- Rounding this out where applicable is ळ ḷa (IPA: [ɭ] or [ɭ̆]), the intervocalic lateral flap allophone of the voiced retroflex stop in Vedic Sanskrit, which is a phoneme in languages such as Marathi, Konkani, Garhwali, and Rajasthani.
- Beyond the Sanskritic set, new shapes have rarely been formulated. Masica (1991:146) offers the following, "In any case, according to some, all possible sounds had already been described and provided for in this system, as Sanskrit was the original and perfect language. Hence it was difficult to provide for or even to conceive other sounds, unknown to the phoneticians of Sanskrit". Where foreign borrowings and internal developments did inevitably accrue and arise in New Indo-Aryan languages, they have been ignored in writing, or dealt through means such as diacritics and ligatures (ignored in recitation).
- The most prolific diacritic has been the subscript dot (nuqtā) ़. Hindi uses it for the Persian, Arabic and English sounds क़ qa /q/, ख़ xa /x/, ग़ ġa /ɣ/, ज़ za /z/, झ़ zha /ʒ/, and फ़ fa /f/, and for the allophonic developments ड़ ṛa /ɽ/ and ढ़ ṛha /ɽʱ/. (Although ऴ ḷha /ɭʱä/ could also exist, it is not used in Hindi.)
- Sindhi's and Saraiki's implosives are accommodated with a line attached below: ॻ [ɠə], ॼ [ʄə], ॾ [ɗə], ॿ [ɓə].
- Aspirated sonorants may be represented as conjuncts/ligatures with ह ha: म्ह mha, न्ह nha, ण्ह ṇha, व्ह vha, ल्ह lha, ळ्ह ḷha, र्ह rha.
- Masica (1991:147) notes Marwari as using ॸ for ḍa [ɗə] (while ड represents [ɽə]).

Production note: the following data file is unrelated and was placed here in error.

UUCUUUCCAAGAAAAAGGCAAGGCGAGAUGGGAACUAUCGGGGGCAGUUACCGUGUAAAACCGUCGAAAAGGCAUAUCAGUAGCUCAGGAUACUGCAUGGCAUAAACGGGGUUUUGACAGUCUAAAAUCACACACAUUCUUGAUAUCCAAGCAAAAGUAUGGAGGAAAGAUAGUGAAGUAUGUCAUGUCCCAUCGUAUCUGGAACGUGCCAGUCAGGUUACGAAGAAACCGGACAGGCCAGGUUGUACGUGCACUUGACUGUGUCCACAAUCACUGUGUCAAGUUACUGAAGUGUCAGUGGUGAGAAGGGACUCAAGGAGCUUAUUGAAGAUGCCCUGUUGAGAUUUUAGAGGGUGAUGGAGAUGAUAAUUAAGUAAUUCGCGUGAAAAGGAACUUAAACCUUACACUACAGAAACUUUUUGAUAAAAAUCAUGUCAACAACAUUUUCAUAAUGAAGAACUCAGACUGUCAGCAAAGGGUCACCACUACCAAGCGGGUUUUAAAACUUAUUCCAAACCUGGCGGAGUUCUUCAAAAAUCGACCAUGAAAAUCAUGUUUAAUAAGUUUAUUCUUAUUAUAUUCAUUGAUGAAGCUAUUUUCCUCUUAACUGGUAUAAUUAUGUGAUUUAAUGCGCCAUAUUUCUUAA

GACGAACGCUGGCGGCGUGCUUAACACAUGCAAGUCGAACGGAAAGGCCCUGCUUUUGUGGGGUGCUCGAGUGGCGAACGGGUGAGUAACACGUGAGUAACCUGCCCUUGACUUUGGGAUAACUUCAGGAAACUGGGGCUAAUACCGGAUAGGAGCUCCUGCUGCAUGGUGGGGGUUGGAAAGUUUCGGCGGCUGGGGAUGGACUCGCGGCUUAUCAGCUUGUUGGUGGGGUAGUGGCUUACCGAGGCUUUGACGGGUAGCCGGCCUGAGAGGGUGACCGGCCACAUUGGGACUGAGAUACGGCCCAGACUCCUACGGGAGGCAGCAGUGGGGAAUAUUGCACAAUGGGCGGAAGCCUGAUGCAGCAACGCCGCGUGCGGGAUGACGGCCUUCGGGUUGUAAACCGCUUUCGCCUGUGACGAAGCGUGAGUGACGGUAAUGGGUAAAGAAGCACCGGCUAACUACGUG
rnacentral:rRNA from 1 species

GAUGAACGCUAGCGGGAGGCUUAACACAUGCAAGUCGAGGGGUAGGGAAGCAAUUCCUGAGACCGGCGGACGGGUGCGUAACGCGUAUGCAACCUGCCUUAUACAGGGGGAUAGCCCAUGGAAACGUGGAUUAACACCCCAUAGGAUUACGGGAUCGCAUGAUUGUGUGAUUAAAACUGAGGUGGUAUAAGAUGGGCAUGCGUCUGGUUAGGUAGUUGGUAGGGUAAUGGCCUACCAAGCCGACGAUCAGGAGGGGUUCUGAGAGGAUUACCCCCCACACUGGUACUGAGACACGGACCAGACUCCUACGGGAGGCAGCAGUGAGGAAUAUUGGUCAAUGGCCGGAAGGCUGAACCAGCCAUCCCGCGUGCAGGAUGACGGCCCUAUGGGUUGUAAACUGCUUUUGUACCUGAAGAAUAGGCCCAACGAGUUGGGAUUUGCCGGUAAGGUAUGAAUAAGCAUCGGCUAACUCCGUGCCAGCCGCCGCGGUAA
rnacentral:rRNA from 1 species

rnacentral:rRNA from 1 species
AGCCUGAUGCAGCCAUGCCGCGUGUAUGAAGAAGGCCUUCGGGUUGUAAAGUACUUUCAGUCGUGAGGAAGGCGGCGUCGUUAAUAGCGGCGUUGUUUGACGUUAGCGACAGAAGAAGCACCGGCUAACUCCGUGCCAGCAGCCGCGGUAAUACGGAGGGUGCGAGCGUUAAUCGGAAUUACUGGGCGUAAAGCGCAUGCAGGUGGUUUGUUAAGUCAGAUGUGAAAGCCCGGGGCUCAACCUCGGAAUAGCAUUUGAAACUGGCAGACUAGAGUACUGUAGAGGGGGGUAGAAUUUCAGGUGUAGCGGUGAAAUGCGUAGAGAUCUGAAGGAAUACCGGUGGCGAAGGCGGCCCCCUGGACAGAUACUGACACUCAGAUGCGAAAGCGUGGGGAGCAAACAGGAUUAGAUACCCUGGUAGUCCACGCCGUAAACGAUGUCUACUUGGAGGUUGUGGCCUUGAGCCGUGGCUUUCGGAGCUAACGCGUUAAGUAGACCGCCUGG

Table: Consonants with vowel diacritics. Vowels in their independent form on the left and in their corresponding dependent form (vowel sign) combined with the consonant 'k' on the right. 'ka' is without any added vowel sign, where the vowel 'a' is inherent. ISO 15919 transliteration is on the top two rows.
A vowel combines with a consonant in their diacritic form. For example, the vowel आ (ā) combines with the consonant क् (k) to form the syllabic letter का (kā), with halant removed and added vowel sign which is indicated by diacritics. The vowel अ (a) combines with the consonant क् (k) to form क (ka) with halant removed. But, the diacritic series of क, ख, ग, घ ... (ka, kha, ga, gha) is without any added vowel sign, as the vowel अ (a) is inherent.
As mentioned, successive consonants lacking a vowel in between them may physically join together as a conjunct consonant or ligature. When Devanagari is used for writing languages other than Sanskrit, conjuncts are used mostly with Sanskrit words and loan words. Native words typically use the basic consonant and native speakers know to suppress the vowel when it is conventional to do so. For example, the native Hindi word karnā is written करना (ka-ra-nā). The government of these clusters ranges from widely to narrowly applicable rules, with special exceptions within. While standardised for the most part, there are certain variations in clustering, of which the Unicode used on this page is just one scheme. The following are a number of rules:
- 24 out of the 36 consonants contain a vertical right stroke (ख kha, घ gha, ण ṇa etc.). As first or middle fragments/members of a cluster, they lose that stroke. e.g. त + व = त्व tva, ण + ढ = ण्ढ ṇḍha, स + थ = स्थ stha. In Unicode, these consonants without their vertical stems are called half forms. श ś(a) appears as a different, simple ribbon-shaped fragment preceding व va, न na, च ca, ल la, and र ra, causing these second members to be shifted down and reduced in size. Thus श्व śva, श्न śna, श्च śca श्ल śla, and श्र śra.